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Solid tumors are complex “organs” of cancer cells and a heterogeneous population of hematopoietic cells, mesenchymal cells, and endothelial cells. The cancer stem cell model proposes that tumor growth and progression is driven by rare populations of cancer stem cells; however, nontumor-forming stem and progenitor cells are also present within the tumor microenvironment. These adult stem cells do not form tumors when injected into experimental animals, but they may augment tumor growth through juxtacrine and paracrine regulation of tumor cells and by contributing to neovascularization. Thus, cancer cells may actively co-opt nontumor-forming stem cells distally from the bone marrow or proximally from nearby tissue and subvert their abilities to differentiate and maintain tissue growth, repair, and angiogenesis. This review will cover the roles of nontumor-forming vascular stem cells in tumor growth and angiogenesis. Stem Cells 2011;29:163–168
The suggestion that tumors may be characterized by hierarchies of organized stem cells was a paradigm shift in our understanding of tumor biology . Putative cancer stem cells (CSCs) have now been identified in several tumor types, and several competing but not necessarily mutually exclusive models have been put forth to explain tumor cell heterogeneity and propagation of CSCs. A stochastic model states that all cells within a tumor have equal abilities to initiate and maintain tumor growth, whereas a hierarchical model suggests that only a minor subset of cancer cells can self-renew and give rise to tumor-forming and nontumor-forming progeny. However, the rarity of stem cells in tumors has been brought into question, as has their existence at all in some mouse tumor models (reviewed in ). Normal stem cells and CSCs can be identified by efflux of Hoechst dye via multi-drug resistance (MDR) and ATP-binding cassette transporters . But the ability to export Hoechst dye diminishes in more committed progeny. By inference, refractoriness to chemotherapy could be explained by rapid export of cytotoxic agents by the CSC pool. Thus, CSC may act as the “linchpin” in some solid tumors and their selective elimination may initiate a cascade ultimately leading to tumor destruction. Notably, cancer cells with stem-like properties that express markers of vascular endothelium and form tumor blood vessels have been described . However, second populations of “adult” stem/progenitor cells, which do not form tumors, are also present in the tumor microenvironment and are the building blocks of most tumor blood vessels. This review covers the role of this second population of nontumor-forming progenitors and their role during angiogenesis and tumor progression.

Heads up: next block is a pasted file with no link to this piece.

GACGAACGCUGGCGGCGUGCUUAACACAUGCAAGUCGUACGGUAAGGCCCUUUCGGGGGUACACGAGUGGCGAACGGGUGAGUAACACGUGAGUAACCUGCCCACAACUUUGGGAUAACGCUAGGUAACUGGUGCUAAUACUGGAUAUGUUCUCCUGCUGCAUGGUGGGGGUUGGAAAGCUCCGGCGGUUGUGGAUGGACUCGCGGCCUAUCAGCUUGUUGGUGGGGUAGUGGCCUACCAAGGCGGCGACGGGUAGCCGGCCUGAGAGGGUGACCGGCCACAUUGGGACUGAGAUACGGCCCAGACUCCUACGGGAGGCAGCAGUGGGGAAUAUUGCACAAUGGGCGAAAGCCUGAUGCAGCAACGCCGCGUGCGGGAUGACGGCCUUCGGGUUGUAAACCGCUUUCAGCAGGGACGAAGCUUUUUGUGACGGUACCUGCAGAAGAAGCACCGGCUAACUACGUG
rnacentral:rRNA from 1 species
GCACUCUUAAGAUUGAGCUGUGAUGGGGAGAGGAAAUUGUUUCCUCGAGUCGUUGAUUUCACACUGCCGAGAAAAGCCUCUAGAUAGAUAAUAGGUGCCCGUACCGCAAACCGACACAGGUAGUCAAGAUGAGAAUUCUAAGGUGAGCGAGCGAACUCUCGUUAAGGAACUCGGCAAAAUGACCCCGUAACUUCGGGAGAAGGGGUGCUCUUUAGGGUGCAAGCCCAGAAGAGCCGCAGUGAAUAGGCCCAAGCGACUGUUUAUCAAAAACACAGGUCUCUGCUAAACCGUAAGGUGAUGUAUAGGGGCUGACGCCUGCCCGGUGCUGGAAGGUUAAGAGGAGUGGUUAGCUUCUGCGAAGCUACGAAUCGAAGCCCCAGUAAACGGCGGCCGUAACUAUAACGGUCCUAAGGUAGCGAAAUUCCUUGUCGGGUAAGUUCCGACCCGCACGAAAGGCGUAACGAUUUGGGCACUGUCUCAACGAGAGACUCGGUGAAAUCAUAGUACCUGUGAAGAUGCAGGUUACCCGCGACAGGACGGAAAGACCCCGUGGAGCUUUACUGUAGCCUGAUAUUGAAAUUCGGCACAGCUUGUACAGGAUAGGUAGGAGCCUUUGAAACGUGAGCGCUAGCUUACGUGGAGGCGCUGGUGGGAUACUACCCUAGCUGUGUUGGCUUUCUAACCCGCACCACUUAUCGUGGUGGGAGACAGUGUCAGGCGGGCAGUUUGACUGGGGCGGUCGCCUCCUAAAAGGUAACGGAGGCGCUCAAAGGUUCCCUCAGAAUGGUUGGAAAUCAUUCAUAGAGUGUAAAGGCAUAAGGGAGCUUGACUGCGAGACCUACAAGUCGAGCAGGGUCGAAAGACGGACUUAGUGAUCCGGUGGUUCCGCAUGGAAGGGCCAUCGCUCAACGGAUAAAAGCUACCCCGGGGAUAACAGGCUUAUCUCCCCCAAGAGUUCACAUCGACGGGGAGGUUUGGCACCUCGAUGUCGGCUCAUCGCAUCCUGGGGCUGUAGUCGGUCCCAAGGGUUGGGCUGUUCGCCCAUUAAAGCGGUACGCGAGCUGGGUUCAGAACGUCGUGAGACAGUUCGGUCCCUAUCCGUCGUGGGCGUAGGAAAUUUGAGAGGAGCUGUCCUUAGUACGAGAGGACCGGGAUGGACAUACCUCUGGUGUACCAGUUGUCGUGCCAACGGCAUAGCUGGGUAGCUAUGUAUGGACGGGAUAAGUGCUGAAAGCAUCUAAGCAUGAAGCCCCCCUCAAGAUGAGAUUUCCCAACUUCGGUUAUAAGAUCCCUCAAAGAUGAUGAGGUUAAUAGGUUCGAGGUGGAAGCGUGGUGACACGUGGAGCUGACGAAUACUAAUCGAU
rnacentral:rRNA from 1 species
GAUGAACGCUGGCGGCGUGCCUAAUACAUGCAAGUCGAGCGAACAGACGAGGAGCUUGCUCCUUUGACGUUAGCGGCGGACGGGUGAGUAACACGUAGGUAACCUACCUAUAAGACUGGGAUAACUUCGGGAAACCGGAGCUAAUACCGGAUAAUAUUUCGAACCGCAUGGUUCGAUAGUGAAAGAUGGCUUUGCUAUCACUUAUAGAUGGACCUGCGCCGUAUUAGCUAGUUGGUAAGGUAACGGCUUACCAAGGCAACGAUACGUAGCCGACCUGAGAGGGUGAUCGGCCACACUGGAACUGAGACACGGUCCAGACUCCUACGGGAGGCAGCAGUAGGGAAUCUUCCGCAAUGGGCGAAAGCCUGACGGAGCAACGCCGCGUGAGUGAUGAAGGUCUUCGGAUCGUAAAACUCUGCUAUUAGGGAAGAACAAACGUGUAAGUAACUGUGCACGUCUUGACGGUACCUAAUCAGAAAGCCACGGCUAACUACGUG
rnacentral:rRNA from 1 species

First, a distinction should be made between bona fide stem cells that have the capacity for unlimited self-renewal and multilineage differentiation (e.g., embryonic stem cells) and progenitor cells or “precursor cells” that have limited self-renewal and differentiation abilities. The generation of progenitor cells is hierarchical with an undifferentiated parental cell lying at the apex that generates progressively more differentiated progeny. For example, hematopoietic stem cells, which reside in the bone marrow, generate an array of more committed hematopoietic progenitor cells (HPC) that act as specific precursors to different blood cell lineages. Mesenchymal stem cells (herein termed mesenchymal progenitor cells [MPCs]) although often referred to as stem cells, are also a type of progenitor or “precursor” cell. MPCs are found throughout the body, they can differentiate to form multiple cell types (e.g., osteocytes, adipocytes, chondrocytes, fibroblasts, and smooth muscle cells) and they have a limited ability to self-renew. Endothelial progenitor cells (EPCs) are another type of lineage-restricted progenitor cell. Although there is still debate about the definitive site(s) where EPC reside in the body, the progeny of circulating EPC (defined as endothelial colony-forming cells [ECFCs]) circulate in peripheral blood, can be ex vivo expanded into clonal populations and will form vessel lumens when injected into mice. EPCs, MPCs, and HPCs are often identified in blood or tissues using the markers listed in Table 1.